This mutation causes a change from asparagine (N) to tyrosine (Y) in the amino acid position 501. It has an increased binding ability because of its position in the spike protein, which binds to our body’s ACE2 receptors — the enzyme on our cell membranes that provides the entry point for the virus to hook into and infect a wide range of human cells. Thus, it is more transmissible and spreads faster.
The mutation evolved independently in the South African, Brazilian and UK variants. It is an immune-evading mutation, which means that it can evade detection by the body’s immune system. Thus, it is not effectively neutralised by antibody treatments.
Since all variants have also been detected in India, albeit only in a handful of sequences, this mutation is present in the country as well.
However, there is no evidence yet to suggest that vaccines will be ineffective against this mutation. However, some reports have indicated that some vaccines, like the Oxford-AstraZeneca one, have reduced efficacy against the South African variant and this mutation could be one of the reasons for it.
The N440K mutation was discovered in late June in the southern states of India, and has since been spreading with renewed vigour. It was recently found in about 42 per cent of the samples that were sequenced in Andhra Pradesh.
This mutation has not yet displayed increased transmissibility or immune evasion, and is not a concern for vaccine efficacy. Its prevalence in Andhra Pradesh could simply be because of lack of sequencing in other states across the country, experts noted.
This mutation was associated with one case of reinfection in India. However, the health ministry clarified Tuesday that it is not associated with increased transmissibility or the surge in cases in Maharashtra.
This mutation, where the glutamic acid (E) is replaced by lysine (K) at position 484 has also been discovered in India. It is an immune escape mutation, which means that it has the ability to evade detection by the body’s immune system.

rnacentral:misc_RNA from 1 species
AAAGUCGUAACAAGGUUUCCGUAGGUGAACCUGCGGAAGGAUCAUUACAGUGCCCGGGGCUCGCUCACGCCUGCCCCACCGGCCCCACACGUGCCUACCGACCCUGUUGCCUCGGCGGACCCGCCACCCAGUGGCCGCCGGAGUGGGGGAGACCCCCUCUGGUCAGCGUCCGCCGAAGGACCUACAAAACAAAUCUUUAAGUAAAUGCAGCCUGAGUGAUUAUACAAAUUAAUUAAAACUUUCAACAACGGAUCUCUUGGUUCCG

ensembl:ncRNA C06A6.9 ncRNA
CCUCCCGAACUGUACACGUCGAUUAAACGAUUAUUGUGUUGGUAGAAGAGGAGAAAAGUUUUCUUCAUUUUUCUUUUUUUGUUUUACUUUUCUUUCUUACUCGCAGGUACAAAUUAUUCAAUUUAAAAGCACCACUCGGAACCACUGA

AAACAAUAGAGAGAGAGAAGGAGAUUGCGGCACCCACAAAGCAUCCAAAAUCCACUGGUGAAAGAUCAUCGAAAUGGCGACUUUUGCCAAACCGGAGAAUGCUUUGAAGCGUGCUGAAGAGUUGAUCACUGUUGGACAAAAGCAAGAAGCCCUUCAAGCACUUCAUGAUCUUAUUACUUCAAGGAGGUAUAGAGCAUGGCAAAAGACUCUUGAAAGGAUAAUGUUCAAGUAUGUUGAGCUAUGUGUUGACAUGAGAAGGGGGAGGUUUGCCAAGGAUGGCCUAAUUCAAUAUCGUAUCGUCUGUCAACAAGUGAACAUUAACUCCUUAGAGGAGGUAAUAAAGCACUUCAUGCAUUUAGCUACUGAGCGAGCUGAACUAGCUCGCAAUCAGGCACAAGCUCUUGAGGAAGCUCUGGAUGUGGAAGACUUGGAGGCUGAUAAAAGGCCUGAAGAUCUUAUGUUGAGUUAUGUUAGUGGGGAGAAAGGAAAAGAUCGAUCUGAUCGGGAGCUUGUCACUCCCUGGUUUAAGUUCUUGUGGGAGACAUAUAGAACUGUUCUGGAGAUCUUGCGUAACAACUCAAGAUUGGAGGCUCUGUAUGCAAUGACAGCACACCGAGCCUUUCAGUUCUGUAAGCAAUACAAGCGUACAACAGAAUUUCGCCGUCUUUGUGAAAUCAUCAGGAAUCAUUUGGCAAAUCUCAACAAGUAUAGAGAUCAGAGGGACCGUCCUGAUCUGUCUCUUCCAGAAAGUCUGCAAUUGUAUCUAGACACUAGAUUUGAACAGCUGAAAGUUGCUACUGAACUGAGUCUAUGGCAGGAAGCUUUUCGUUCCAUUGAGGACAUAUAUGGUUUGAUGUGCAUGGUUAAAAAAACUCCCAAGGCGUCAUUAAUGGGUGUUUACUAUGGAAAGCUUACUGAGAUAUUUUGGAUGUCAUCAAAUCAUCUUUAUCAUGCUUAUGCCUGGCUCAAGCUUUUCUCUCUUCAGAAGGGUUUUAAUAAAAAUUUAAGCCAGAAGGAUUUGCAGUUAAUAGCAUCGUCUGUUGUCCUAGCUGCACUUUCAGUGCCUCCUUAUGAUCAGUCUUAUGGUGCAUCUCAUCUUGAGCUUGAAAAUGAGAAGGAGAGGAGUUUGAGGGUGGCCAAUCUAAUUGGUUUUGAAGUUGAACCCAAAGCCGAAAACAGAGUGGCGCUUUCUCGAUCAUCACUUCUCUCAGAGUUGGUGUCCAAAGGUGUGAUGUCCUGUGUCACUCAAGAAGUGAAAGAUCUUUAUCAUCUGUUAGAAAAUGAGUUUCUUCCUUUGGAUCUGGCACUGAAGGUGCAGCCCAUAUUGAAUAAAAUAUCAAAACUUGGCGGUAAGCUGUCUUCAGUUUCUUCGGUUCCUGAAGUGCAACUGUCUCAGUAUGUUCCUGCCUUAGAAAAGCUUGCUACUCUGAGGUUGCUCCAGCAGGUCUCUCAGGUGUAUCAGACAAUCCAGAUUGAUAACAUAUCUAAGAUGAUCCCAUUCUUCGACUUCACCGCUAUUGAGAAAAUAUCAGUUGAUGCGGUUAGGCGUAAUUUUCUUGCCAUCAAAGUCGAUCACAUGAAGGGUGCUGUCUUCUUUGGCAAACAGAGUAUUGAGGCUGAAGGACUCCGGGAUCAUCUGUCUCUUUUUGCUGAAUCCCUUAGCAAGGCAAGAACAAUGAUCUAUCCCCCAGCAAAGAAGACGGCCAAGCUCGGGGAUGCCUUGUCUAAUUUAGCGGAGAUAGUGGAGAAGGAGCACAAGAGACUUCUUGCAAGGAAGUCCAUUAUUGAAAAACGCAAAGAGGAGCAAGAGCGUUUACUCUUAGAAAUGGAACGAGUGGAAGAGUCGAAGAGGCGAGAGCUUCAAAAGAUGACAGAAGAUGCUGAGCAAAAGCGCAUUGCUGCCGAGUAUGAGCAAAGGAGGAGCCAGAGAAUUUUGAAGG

This mutation, or any other mutation at the site E484, has a reduced susceptibility to neutralisation by antibodies. This means the virus is less likely to be neutralised by the body’s antibodies.
It is believed that this mutation is likely the reason behind the reduced effectiveness of the AstraZeneca, Novavax, and Johnson & Johnson vaccines against the South Africa variant.
This mutation has also been associated with reinfections.
This mutation was first detected in India between March and July of 2020 and has now made a re-emergence.
In this mutation, the glutamic acid (E) is replaced by glutamine (Q) at the 484 position and it has been found in 11 other countries such as the USA, UK, Switzerland, Italy, Sweden, and South Africa.
This mutation is positioned at the E484 site, and like the E484K, has a reduced susceptibility to neutralisation by antibodies. The E484 mutations have also emerged in the South African and Brazil variants.
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As the virus evolves continuously, mutations occur constantly and in the thousands.
India has identified over 7,000 mutations so far, including ones like N439K and Q493K. None of these seem to indicate increased transmissibility (ability to spread), infectivity (ability to infect) or immune evasion yet.
However, it is likely that many other mutations and variants, and their true spread is underestimated because of lack of sequencing.
“India has so far not been sequencing SARSCoV-2 isolates to full capacity, having deposited only about 6,400 genomes of the over 10.4 million recorded cases (0.06%),” said a recent paper from the Council of Scientific and Industrial Research, India’s apex scientific research organisation.
The study authors added that increasing monitoring and sequencing efforts after a region records a spike in cases will help in identifying the virus mutations effectively. This will also help stay on top of mutations of concern while their effects are studied in greater detail.